The stock market has been on quite a run in the last few years. The longer the bull market persists, the more that investors will start fearing a correction or even a crash. Deutsche Bank’s research shows that the stock market, on average, has a correction every 357 days. A correction is defined as a drop of at least 10% from its recent high. Unfortunately, I don’t have a crystal ball to tell you when the next correction will occur, but I can suggest a way to prepare for such an eventuality. Spoiler alert: this piece of advice does not…
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The stock market has been on quite a run in the last few years. The longer the bull market persists, the more that investors will start fearing a correction or even a crash.
Deutsche Bank’s research shows that the stock market, on average, has a correction every 357 days. A correction is defined as a drop of at least 10% from its recent high. Unfortunately, I don’t have a crystal ball to tell you when the next correction will occur, but I can suggest a way to prepare for such an eventuality.
Spoiler alert: this piece of advice does not involve loading up on Bitcoin.
The case for utilities
One way that investors can prepare for a market meltdown is to add stocks to their portfolios that tend to hold up better in such situations. This is where utilities come in. These are companies that deliver essential services, such as electricity, and are therefore more resilient when the markets turn sour. In other words, they have a relatively low correlation with the broader markets.
Take Fortis Inc. (TSX:FTS)(NYSE:FTS) for instance, which has a beta of 0.01. A beta equal to one means that the stock moves with the market, so a beta less than one indicates that the stock is theoretically less volatile than the market. During the Financial Crisis of 2008, the S&P/TSX Composite Index was down approximately 50% during a 10-month stretch, but over that same period, Fortis was down only 20%.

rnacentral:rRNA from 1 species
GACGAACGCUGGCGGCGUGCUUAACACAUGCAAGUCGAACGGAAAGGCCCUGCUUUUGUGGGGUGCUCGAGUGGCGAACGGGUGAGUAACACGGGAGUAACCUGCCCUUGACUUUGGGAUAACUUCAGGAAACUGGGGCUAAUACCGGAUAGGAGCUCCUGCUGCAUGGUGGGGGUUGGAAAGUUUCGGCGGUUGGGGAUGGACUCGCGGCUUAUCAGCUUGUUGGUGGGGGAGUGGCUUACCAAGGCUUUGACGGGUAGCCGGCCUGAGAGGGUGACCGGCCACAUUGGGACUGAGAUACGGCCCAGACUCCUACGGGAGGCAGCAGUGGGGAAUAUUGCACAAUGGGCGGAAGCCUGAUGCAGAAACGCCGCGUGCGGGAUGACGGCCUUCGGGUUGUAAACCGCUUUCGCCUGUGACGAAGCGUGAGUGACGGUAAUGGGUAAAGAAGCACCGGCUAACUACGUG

Let’s have a closer look at Fortis.
Fortis is a leader in the North American regulated electric and gas utility business, with total assets of approximately $47 billion and 2016 revenue of $6.8 billion.
Whether we are going through an economic expansion or a recession, Fortis just keeps chugging along, and this is not about to change. The company has announced a five-year $14.5 billion capital program from 2018 through 2022. The program should help Fortis grow its existing 3.2 million customers and as a result, the company should also see some growth on its top line in the years to come.
Dividend payments are discretionary, which means that companies can cut their dividends or even eliminate them all together at any time. However, dividend payments issued by utility companies have been very reliable historically.
Fortis is no exception, as it has increased its dividend in 44 consecutive years and offers a yield slightly under 4% as of this writing. The payout ratio has been hovering around the 65-70% range in the last few years. This is an acceptable ratio for a utility company and leaves room for future increases. In fact, the company intends to grow dividends annually by an average of 6% through 2022.
It is also worth noting that the company has delivered an average annualized total shareholder return of 10.2% over the last five years, which easily surpasses the 8.6% return put up by the S&P/TSX Composite Index over that period.
Foolish bottom line
Let’s face it; this incredible bull market can’t last forever. A market pullback will inevitably happen—it’s just a question of when. Will you be ready when that time comes? Consider adding Fortis to your portfolio today to help you prepare.
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Fool contributor Patrick Giroux owns shares in Fortis Inc.